NASHVILLE, Tenn. (WKRN) — As Tennessee celebrates it’s 225th birthday, News 2 has been taking a closer look at the people, places and events that have shaped our great state.
Recently, News 2 spoke with the man who literally wrote the book on the ins and outs of the Tennessee State Capitol. Dr. Wayne Moore shared his insider knowledge with Nikki.
While they walked around the Capitol, he pointed out little-known facts about the historic center point of our state.
Dr. Moore is the former Assistant State Archivist and has devoted his career to learning everything there is to know about Tennessee history.
“This is the oldest working statehouse of all 50 states in America,” Moore said. “And when this building was built, everyone in state government was located here and all the functions of state government were housed here.”
Nashville wasn’t always home to the capitol. Previously, it had been moved around from Knoxville to Murfreesboro and even Kingston. Nashville eventually became its final destination.
“It was here in Nashville in the 1830s, and they wanted it to stay here,” Moore said. “So the mayor and municipal leaders of Nashville bought this property as the highest point in Nashville – perfect site for a grand State Capitol.”
It came at a price unheard of in Nashville real estate today. “They bought it for $30,000 and gave it to the state free, $1, I think to build the Capitol here,” Moore said.
William Strickland, an architect from Philadelphia, was selected to take on the task of designing and building it. Strickland apprenticed under the masterminds who built the U.S. Capitol.
Moore said the Tennessee Capitol’s Greek-inspired shape came from a time when many government leaders saw Greece as the home of democracy. And what better place to highlight democracy than in Tennessee?
“So it’s a very vibrant, active democracy, and Tennesseans are kind of in the forefront of that,” Moore said. “The state was much more important in 1840s and 50s, even than it is today. And, it was the home of Andrew Jackson, a lot of national leaders.
The stone that gives the Capitol its gravitas came from a quarry in Nashville’s own backyard.
“There was a quarry that belonged to a man named Samuel Watkins. Watkins college is still around here in Nashville. And he, for a few thousand dollars, allowed the state to quarry from that site,” he continued, “And they built the first paved road in Nashville to haul it up here to the hill to start building.”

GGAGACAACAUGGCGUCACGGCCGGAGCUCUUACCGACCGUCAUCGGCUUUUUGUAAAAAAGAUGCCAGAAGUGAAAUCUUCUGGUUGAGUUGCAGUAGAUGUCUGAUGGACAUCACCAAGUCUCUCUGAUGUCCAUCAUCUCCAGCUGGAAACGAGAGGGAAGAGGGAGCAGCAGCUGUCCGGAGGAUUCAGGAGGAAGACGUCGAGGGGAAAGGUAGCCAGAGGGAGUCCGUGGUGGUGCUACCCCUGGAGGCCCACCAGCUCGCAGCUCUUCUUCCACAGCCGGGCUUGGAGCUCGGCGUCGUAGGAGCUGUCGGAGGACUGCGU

Constructing the stone took some major expertise on Strickland’s part. The Capitol features a tower weighing in at 4,000 tons and 18-foot stone piers.
The Capitol also houses several massive chandeliers, originally fueled by gas and containing up to 48 burners. Today the lights run on electricity.
“Strickland had to do it right or this building wouldn’t be here today. This building will be here 200 years from now,” Moore said. “It’s a very, very solid, permanent structure.”
Unfortunately, the labor used to build the Capitol came at a great price.
“Some of the anonymous people who built this thing, they used a lot of convicts from the prison, which was also right down Charlotte, across from Watkins’ property,” Moore said. “They used a lot of enslaved individuals that did the quarrying, that leveled this hill off before they started building on it. They did a lot of the stonework.”
Dr. Moore said it’s important to remember the forced labor and sacrifice that went into constructing the Capitol.
“[It] took a lot of hands to build this building. Not all [were] getting paid for it.”
Another dark cloud over the Capitol’s history is that Strickland died in the process of creating his masterpiece.
“Strickland, his health starts to deteriorate in 1854, and he must have known it was coming because in the appropriation in this building from the legislature in that year, they put money in there for a tomb for him, for the architect,” Moore said. “He dies in April of ‘54 and he’s buried in the porch just outside that window.”
Strickland is not the only person whose tomb is housed within the Capitol walls. It’s also a final resting place for Samuel Morgan, the chairman of the building commission. President James K. Polk and his wife are also buried on the Capitol grounds.
Once the Capitol building was complete, finishing the landscaping surrounding the building had to be put on hold, due to the Civil War.
“The war breaks out in ’61 and Nashville falls to the federal army in ’62,” Moore said. “This becomes basically a fort. The Union Army fortifies the hill. They build a palisade around it. They put cannons up here. They expected the Confederate Army to attack Nashville to try to retake it at some point.”
Some of the war’s remnants remain at the Capitol today.
Dr. Moore pointed, “You’ve got Union troops quartered here. There’s graffiti up in the towers still from Union soldiers with a lot of time on their hands, just scribbling.”
As Tennessee rings in its 225th year, the state will forever be indebted to the love and labor put into creating the state capitol. A structure sturdy enough to house the men and women who lead the state for 225 more years and beyond.